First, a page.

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Gibson Brands Goes Belly Up Implications Locally

Gibson Brands is out of the commercial consumer electronics business after the US Company filed for bankruptcy protection overnight, retailers are tipped to strip Philips and Pioneer product from their stores in Australia.

The move is set to hit Adelaide based distributor Powermove who had the local rights to sell both Philips and Pioneer products supplied by Gibson brands.

Last week we revealed that Chinese Company TCL is set to take on the Philips and Pioneer brands globally.

ChannelNews understands that companies that are owed over $500M have now taken control of the US music Company. A key contributor was the failure of Gibson Brands, to get credit insurance resulting in manufacturers refusing to make their consumer electronics products.

The Gibson Innovations business, which sells audio products like speakers, headphones, and DJ products branded Philips or Pioneer, was the source of its financial woes, according to a court statement from Brian J. Fox, a managing director at Alvarez & Marsal who will serve as the company’s chief restructuring officer.

Acquired through a leveraged transaction, the business faced significant sales declines due in part to a loss of credit insurance overseas.

Also, out is Gibson Brands CEO Henry Juszkiewicz, who has run the Company for more than three decades.

Juszkiewicz bought the audio and home entertainment business from Philips in June 2014 for $135 million as part of a bid to relaunch Gibson Guitars as Gibson Brands, a “music lifestyle” company.

He also bought into Japanese company Onkyo whose products are distributed by Ambertech.

The investment drained cash, and earnings plunged. The company ran out of time for a turnaround as a bond maturity and springing term loan loomed in July.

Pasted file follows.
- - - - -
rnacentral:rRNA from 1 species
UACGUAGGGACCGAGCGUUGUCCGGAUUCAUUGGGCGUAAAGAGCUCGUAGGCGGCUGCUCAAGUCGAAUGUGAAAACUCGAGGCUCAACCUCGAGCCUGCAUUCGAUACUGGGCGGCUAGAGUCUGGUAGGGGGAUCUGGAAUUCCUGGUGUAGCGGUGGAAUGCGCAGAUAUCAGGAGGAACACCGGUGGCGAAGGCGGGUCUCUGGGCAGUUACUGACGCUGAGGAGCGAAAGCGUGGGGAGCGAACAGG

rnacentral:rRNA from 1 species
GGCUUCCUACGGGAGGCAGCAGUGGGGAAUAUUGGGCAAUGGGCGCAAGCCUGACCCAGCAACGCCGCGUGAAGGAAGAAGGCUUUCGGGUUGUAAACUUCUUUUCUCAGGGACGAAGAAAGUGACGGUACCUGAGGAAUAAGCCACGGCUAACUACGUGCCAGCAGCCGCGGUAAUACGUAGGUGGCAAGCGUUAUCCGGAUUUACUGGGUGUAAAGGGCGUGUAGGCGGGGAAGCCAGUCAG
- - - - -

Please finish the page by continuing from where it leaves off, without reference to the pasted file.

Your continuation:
The Chapter 11 filing revealed that the lenders Silver Point Capital, Melody Capital Partners and funds affiliated with KKR Credit Advisors are now in control and that they have no appetite for consumer electronic products which several analysts claims was the “root cause” for bringing the iconic Company down.

Gibson owes as much as $500 million, and lenders will provide a new loan of up to $135 million to keep the company in business, according to court papers.

Bloomberg said that Juszkiewicz, who has found himself at odds with creditors in recent months, will continue with the company upon emergence from bankruptcy “to facilitate a smooth transition,” according to the agreement.

Court papers call for a one-year consulting deal and compensation package for Juszkiewicz.

Working with Jefferies LLC, the company has over the past 12 months sought to sell or recapitalise the business this resulted in 58 businesses expressing an interest 27 signed non-disclosure agreements.

Gibson, founded in 1894, sells over 170,000 guitars annually in 80 countries. In Australia the musical instruments business generates approximately $12M dollars in sales.
Its guitars are U.S.-made, with factories in Nashville and Memphis, Tennessee, and Bozeman, Montana. It also sells studio monitors, headphones, turntables and other musical instruments. Units also include the company’s Baldwin Piano business. All told, the music instruments business employs at least 875 people, according to court papers.

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